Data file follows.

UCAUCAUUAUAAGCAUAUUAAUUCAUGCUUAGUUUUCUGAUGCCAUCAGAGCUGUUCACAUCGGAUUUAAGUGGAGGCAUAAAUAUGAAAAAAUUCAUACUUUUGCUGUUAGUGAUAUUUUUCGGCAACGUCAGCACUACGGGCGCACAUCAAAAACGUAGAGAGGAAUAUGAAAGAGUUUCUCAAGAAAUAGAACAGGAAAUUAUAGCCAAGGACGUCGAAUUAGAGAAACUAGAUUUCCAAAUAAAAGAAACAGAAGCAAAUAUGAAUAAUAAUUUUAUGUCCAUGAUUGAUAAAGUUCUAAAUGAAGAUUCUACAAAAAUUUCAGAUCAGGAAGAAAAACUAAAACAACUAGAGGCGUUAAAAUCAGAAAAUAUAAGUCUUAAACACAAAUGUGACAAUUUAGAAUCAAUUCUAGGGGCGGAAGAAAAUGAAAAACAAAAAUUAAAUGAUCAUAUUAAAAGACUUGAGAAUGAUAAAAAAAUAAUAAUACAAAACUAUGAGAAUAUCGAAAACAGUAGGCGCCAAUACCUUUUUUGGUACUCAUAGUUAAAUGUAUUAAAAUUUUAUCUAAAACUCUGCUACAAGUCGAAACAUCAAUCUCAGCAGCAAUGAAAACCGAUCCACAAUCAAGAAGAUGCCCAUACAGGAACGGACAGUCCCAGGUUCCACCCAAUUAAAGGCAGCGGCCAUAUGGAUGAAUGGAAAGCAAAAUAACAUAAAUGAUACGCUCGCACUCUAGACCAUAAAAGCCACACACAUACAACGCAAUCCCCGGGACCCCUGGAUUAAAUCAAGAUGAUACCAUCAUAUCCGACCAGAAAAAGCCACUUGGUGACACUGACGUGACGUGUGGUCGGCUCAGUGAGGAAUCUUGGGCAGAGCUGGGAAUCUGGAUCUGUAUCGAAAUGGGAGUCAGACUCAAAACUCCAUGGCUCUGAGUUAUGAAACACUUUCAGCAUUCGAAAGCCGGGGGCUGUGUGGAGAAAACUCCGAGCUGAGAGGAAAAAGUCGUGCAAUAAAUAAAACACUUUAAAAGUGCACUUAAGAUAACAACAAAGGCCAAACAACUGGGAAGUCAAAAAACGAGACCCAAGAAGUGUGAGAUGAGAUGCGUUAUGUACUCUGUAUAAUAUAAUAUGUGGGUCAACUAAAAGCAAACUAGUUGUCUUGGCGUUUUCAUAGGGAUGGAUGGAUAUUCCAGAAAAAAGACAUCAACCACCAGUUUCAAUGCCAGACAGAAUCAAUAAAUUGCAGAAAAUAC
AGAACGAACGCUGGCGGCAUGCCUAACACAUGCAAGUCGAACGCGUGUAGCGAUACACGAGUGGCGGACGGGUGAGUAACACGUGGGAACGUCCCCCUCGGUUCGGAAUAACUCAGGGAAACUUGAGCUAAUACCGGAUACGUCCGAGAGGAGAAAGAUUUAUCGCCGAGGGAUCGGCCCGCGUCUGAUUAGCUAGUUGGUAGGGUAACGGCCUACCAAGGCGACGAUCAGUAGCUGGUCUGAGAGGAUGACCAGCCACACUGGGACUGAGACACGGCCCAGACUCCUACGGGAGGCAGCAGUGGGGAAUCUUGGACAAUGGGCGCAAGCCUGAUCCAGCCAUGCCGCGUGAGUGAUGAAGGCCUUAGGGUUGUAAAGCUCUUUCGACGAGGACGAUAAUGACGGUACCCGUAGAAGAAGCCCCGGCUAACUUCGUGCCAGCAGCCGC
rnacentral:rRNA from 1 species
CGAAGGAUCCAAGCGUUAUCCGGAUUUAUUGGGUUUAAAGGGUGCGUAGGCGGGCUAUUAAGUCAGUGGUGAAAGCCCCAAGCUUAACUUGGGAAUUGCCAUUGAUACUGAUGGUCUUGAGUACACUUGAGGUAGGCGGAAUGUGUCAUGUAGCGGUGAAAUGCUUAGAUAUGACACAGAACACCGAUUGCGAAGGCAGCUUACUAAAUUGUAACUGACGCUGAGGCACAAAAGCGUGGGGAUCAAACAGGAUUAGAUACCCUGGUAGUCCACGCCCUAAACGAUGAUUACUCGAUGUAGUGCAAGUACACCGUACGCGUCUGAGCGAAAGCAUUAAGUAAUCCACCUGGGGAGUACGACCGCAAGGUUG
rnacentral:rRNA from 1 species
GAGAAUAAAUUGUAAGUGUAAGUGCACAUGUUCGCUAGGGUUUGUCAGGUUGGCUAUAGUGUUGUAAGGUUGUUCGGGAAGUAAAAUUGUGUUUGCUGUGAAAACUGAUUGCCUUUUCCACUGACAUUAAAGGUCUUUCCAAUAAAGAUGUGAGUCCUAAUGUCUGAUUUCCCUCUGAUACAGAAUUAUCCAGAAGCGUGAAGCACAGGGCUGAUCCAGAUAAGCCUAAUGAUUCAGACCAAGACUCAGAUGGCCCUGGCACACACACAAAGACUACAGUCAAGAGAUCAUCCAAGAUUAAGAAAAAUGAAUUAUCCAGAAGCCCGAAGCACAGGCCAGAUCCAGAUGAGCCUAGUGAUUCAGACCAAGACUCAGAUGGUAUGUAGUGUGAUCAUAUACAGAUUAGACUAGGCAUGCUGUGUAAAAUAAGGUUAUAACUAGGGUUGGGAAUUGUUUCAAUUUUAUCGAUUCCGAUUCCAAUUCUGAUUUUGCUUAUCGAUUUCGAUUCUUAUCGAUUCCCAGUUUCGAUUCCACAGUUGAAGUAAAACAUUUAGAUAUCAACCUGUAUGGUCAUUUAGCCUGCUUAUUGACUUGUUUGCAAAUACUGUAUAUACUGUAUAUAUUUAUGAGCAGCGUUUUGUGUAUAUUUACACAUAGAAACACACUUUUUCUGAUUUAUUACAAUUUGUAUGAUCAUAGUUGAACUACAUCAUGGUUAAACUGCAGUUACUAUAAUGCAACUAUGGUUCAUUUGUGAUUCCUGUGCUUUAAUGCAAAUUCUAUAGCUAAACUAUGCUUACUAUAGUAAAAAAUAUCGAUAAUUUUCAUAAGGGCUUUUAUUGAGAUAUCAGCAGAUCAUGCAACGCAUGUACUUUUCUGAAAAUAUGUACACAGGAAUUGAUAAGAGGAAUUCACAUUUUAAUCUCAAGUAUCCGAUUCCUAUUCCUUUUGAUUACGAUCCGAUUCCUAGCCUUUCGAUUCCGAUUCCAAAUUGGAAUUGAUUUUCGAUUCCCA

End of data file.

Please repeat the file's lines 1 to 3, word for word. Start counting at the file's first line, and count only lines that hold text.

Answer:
UCAUCAUUAUAAGCAUAUUAAUUCAUGCUUAGUUUUCUGAUGCCAUCAGAGCUGUUCACAUCGGAUUUAAGUGGAGGCAUAAAUAUGAAAAAAUUCAUACUUUUGCUGUUAGUGAUAUUUUUCGGCAACGUCAGCACUACGGGCGCACAUCAAAAACGUAGAGAGGAAUAUGAAAGAGUUUCUCAAGAAAUAGAACAGGAAAUUAUAGCCAAGGACGUCGAAUUAGAGAAACUAGAUUUCCAAAUAAAAGAAACAGAAGCAAAUAUGAAUAAUAAUUUUAUGUCCAUGAUUGAUAAAGUUCUAAAUGAAGAUUCUACAAAAAUUUCAGAUCAGGAAGAAAAACUAAAACAACUAGAGGCGUUAAAAUCAGAAAAUAUAAGUCUUAAACACAAAUGUGACAAUUUAGAAUCAAUUCUAGGGGCGGAAGAAAAUGAAAAACAAAAAUUAAAUGAUCAUAUUAAAAGACUUGAGAAUGAUAAAAAAAUAAUAAUACAAAACUAUGAGAAUAUCGAAAACAGUAGGCGCCAAUACCUUUUUUGGUACUCAUAGUUAAAUGUAUUAAAAUUUUAUCUAAAACUCUGCUACAAGUCGAAACAUCAAUCUCAGCAGCAAUGAAAACCGAUCCACAAUCAAGAAGAUGCCCAUACAGGAACGGACAGUCCCAGGUUCCACCCAAUUAAAGGCAGCGGCCAUAUGGAUGAAUGGAAAGCAAAAUAACAUAAAUGAUACGCUCGCACUCUAGACCAUAAAAGCCACACACAUACAACGCAAUCCCCGGGACCCCUGGAUUAAAUCAAGAUGAUACCAUCAUAUCCGACCAGAAAAAGCCACUUGGUGACACUGACGUGACGUGUGGUCGGCUCAGUGAGGAAUCUUGGGCAGAGCUGGGAAUCUGGAUCUGUAUCGAAAUGGGAGUCAGACUCAAAACUCCAUGGCUCUGAGUUAUGAAACACUUUCAGCAUUCGAAAGCCGGGGGCUGUGUGGAGAAAACUCCGAGCUGAGAGGAAAAAGUCGUGCAAUAAAUAAAACACUUUAAAAGUGCACUUAAGAUAACAACAAAGGCCAAACAACUGGGAAGUCAAAAAACGAGACCCAAGAAGUGUGAGAUGAGAUGCGUUAUGUACUCUGUAUAAUAUAAUAUGUGGGUCAACUAAAAGCAAACUAGUUGUCUUGGCGUUUUCAUAGGGAUGGAUGGAUAUUCCAGAAAAAAGACAUCAACCACCAGUUUCAAUGCCAGACAGAAUCAAUAAAUUGCAGAAAAUAC
AGAACGAACGCUGGCGGCAUGCCUAACACAUGCAAGUCGAACGCGUGUAGCGAUACACGAGUGGCGGACGGGUGAGUAACACGUGGGAACGUCCCCCUCGGUUCGGAAUAACUCAGGGAAACUUGAGCUAAUACCGGAUACGUCCGAGAGGAGAAAGAUUUAUCGCCGAGGGAUCGGCCCGCGUCUGAUUAGCUAGUUGGUAGGGUAACGGCCUACCAAGGCGACGAUCAGUAGCUGGUCUGAGAGGAUGACCAGCCACACUGGGACUGAGACACGGCCCAGACUCCUACGGGAGGCAGCAGUGGGGAAUCUUGGACAAUGGGCGCAAGCCUGAUCCAGCCAUGCCGCGUGAGUGAUGAAGGCCUUAGGGUUGUAAAGCUCUUUCGACGAGGACGAUAAUGACGGUACCCGUAGAAGAAGCCCCGGCUAACUUCGUGCCAGCAGCCGC
rnacentral:rRNA from 1 species